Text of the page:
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I got kicked in the stomach yesterday evening by my 3-year-old filly. I was going to spray her back with some fly spray while she was eating. Big mistake on my part, I should have known better. Nothing serious thank goodness, just very sore. I hate to think what could have been. No matter how well you know your horses, always use caution. :-)

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I am glad you are ok. I personnaly WILL make all of my horses move whether they are eating or not. I worked for a breeding barn that a nasty mare who actually pinned a guy in the stall and almost knocked him out. She learned fast she was to wait out of the door until I was done in her stall. You never know when an emergency will come up, and not being able to handle a horse while he is eating is no excuse.
Just like the herd leader, when he comes up to feed the other horses move, they will move when I say. Young horses are the worst about testing you, so be careful with kids handling colts and fillies!
Thanks Julie. I know what you mean, she pinned her ears at me night before last when I was feeding her, so I picked up a stick and kept her away from the feed until I was ready to let her eat. She HAS to learn that I am the leader, not her, but she is a dominant type horse and is tough to deal with.
I have a 2 year old filly who has always been sweet as can be. One day I was asking her to bend in circles and she reared striking at me with her feet! I had nothing but a lead rope, which did no good. She attempted this several times, and I finally had to let her go or end up really hurt, as she already glanced my head with her hoof.
I went back to the barn for the lunge whip, and sure enough when I asked her to lead she tried it again. Now she showed no signs of distress or being in pain when she high tailed it across the pasture a few minutes before. We went a few rounds before she decided to give in.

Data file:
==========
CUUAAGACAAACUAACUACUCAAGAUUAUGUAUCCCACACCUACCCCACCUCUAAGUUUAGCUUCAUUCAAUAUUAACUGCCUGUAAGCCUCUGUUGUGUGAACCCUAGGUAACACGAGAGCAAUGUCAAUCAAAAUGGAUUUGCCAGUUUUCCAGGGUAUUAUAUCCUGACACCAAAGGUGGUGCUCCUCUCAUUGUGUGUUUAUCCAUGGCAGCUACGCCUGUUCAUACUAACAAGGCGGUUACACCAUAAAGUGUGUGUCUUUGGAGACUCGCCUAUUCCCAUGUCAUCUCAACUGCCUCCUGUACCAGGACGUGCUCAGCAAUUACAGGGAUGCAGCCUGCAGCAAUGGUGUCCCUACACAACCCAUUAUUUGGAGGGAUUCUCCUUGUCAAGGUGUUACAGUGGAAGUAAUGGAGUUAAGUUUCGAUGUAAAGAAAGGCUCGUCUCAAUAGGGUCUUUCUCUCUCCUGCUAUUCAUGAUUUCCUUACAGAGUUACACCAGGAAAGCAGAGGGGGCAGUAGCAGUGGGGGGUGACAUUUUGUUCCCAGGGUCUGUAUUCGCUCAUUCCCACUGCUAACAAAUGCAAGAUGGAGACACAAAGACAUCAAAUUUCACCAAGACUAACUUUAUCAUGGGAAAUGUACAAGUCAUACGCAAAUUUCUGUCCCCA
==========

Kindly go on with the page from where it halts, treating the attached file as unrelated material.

I have been around horses my entire life, and she flat out attacked for no reason other than being a 2 year old, in heat for the first time! She has never acted that way since.
She has buddied up with the dominant gelding and the other horses give way to her, usually because he is behind her. She had been turned out and not handled much for a couple of months since I was going through a divorce. She just wanted to see where I stood.
Wow Julie, you were really lucky not to have gotten hurt! I have raised this filly since birth, and she has had an attitude since day one! She was at a trainer in June and progressing well, but started dropping weight like crazy. I think she was depressed, and just stopped eating. It was pitiful. I thought maybe it was too much too soon, and decided to hold off on training for a few months. I am sure I have let her get away with way too much, even though I've tried not to. I really need to get out there and start working with her again. She is a very confident horse, not afraid of anything and curious about everything. I imagine she will be good on the trails, at least as far as spooking goes. I doubt much of anything will phase her. She was a breeze to saddle up the first time. But that attitude! That is the hard part, she will try to be the boss, no doubt about it.
I hope she outgrows it, and realizes you are the leader. She sounds like she is in excellent hands.
My filly had always beena sweet heart. We bought her mom, the seller swore she was not bred. But 5 or so months later we had Ally. I would have never bet she ever would try something like that. She has been handled since birth, not spoiled, but I did let her come into my space on her own. Mistake, I guess. She was always so respectful, and has gone back to being perfect again, lol. Do you want another one to start?? LOL!


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